Home Neighbours Maldives: Ahead Of Parliamentary Polls, India Hopeful Of Overcoming Strategic Setback

Maldives: Ahead Of Parliamentary Polls, India Hopeful Of Overcoming Strategic Setback

President Mohamed Muizzu. Source: X

At a time when Sri Lanka’s Hambantota Port is under Chinese control (China Merchant Ports holds an 85% stake), India’s diminished influence in the Maldives following the election of President Mohammad Muizzu, has strategic implications.  Former diplomats and naval officers say Maldives is the strategic point by which India could keep “watch on ships operating in its Exclusive Economic Zone (EEZ) which includes Andaman and Nicobar, Lakshwadeep, and the Andaman Sea.”

“Maldives is seen as a strategic outpost by which New Delhi could monitor threats on the southwestern part of the ocean. But now with Muizzu’s insistence on India’s troop withdrawal, which goes hand-in-hand with his ‘India Out’ campaign, New Delhi will not be able to avail of this at least in the interim period,” they said.

There has been little talk about Muizzu visiting Delhi or even if there could be a visit before parliamentary elections on April 21.  In fact, the sources said India has few cards to play at this point other than hoping that Muizzu’s Progressive Party of Maldives (PPM) loses or comes off second best in the elections. The People’s Majlis, as the Maldivian Parliament is called, has 87 seats and Delhi would prefer that the Maldivian Democratic Party (MDP) led by pro-India former president Ibrahim Solih retain its majority.  That would act as a check on Muizzu. The other possibility is of Muizzu being impeached, but that would be contingent on the opposition winning a majority in parliament as the Constitution requires a two-thirds vote for any impeachment to succeed.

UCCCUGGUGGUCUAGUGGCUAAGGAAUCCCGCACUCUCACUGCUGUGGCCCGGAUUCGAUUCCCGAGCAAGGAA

For now it’s clear that Delhi will have to work with Muizzu and hope he tempers his rhetoric. The dislike of India appears irrational.

“Indians make up 60% of doctors across the 1,192 islands of the Maldives and the majority of expatriate teachers in the country are Indian nationals,” sources said. “The Maldives is a net food importing country whose staple foods – rice, sugar, and flour – are all imported, 100 percent, as none of this is grown domestically. Almost all of this comes from India at a very cheap cost. Maldivians know that if they were to import from elsewhere, they will have to pay much more for these goods.”

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These facts are not unknown to Muizzu and others in the current dispensation. Also, the point that there are few other options open to them.

“Maldives used to rely on Islamic nations such as Saudi Arabia and Pakistan but that has fallen away,” the sources pointed out. “India has the advantage of being just 300 nautical miles away, so, we have an advantage that no one else has. Going to others like China can put the country into hyper-inflation because goods from there will cost three to four times as much. There is also the security aspect. Both India and Maldives will be concerned about Islamic militant groups that could use the Maldives as a recruitment ground. Both have a vested interest in working together to clamp down on it.”

A visit by Muizzu could help clear up  matters but that may have to wait until the parliamentary elections are over.